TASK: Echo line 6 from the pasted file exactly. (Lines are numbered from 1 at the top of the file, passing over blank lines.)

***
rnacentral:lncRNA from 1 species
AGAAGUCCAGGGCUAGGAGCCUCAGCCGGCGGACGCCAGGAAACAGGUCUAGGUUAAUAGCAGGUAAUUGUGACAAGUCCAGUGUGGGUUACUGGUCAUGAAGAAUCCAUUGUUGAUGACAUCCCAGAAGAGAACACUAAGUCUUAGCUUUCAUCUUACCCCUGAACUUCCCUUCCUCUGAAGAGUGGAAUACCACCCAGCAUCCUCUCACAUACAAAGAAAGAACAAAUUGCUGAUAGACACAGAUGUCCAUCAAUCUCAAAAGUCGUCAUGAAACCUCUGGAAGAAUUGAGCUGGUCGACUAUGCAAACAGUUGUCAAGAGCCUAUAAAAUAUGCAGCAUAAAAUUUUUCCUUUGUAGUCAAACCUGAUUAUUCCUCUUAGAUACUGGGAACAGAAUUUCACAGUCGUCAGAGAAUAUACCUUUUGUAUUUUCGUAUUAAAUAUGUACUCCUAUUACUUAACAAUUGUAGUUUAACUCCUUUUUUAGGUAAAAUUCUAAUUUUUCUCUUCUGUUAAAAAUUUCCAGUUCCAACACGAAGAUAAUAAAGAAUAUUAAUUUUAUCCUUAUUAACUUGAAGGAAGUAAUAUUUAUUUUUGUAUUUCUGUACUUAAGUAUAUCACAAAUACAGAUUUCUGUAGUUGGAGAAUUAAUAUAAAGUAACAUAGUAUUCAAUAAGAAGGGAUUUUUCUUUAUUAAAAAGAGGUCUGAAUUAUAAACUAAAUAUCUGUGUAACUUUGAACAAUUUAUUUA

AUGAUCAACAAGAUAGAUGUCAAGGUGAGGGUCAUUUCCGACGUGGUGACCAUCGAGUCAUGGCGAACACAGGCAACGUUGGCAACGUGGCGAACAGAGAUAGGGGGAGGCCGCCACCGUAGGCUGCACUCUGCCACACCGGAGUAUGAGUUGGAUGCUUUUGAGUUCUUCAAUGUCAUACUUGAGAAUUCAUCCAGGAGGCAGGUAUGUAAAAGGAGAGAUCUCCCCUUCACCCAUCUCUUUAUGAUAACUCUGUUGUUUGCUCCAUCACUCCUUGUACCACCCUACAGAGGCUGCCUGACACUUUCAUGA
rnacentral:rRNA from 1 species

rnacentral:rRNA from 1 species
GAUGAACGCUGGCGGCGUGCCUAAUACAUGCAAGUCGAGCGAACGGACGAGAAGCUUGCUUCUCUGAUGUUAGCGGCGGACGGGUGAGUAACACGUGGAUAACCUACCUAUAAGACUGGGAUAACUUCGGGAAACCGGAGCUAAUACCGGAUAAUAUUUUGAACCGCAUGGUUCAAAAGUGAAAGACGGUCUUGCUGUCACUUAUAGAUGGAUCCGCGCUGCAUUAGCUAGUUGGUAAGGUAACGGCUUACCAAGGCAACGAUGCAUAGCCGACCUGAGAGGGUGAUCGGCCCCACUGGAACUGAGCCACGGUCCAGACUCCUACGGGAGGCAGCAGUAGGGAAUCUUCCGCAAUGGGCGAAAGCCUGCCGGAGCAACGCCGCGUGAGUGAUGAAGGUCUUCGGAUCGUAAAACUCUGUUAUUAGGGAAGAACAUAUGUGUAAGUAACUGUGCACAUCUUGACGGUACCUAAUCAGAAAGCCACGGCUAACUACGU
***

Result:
GAUGAACGCUGGCGGCGUGCCUAAUACAUGCAAGUCGAGCGAACGGACGAGAAGCUUGCUUCUCUGAUGUUAGCGGCGGACGGGUGAGUAACACGUGGAUAACCUACCUAUAAGACUGGGAUAACUUCGGGAAACCGGAGCUAAUACCGGAUAAUAUUUUGAACCGCAUGGUUCAAAAGUGAAAGACGGUCUUGCUGUCACUUAUAGAUGGAUCCGCGCUGCAUUAGCUAGUUGGUAAGGUAACGGCUUACCAAGGCAACGAUGCAUAGCCGACCUGAGAGGGUGAUCGGCCCCACUGGAACUGAGCCACGGUCCAGACUCCUACGGGAGGCAGCAGUAGGGAAUCUUCCGCAAUGGGCGAAAGCCUGCCGGAGCAACGCCGCGUGAGUGAUGAAGGUCUUCGGAUCGUAAAACUCUGUUAUUAGGGAAGAACAUAUGUGUAAGUAACUGUGCACAUCUUGACGGUACCUAAUCAGAAAGCCACGGCUAACUACGU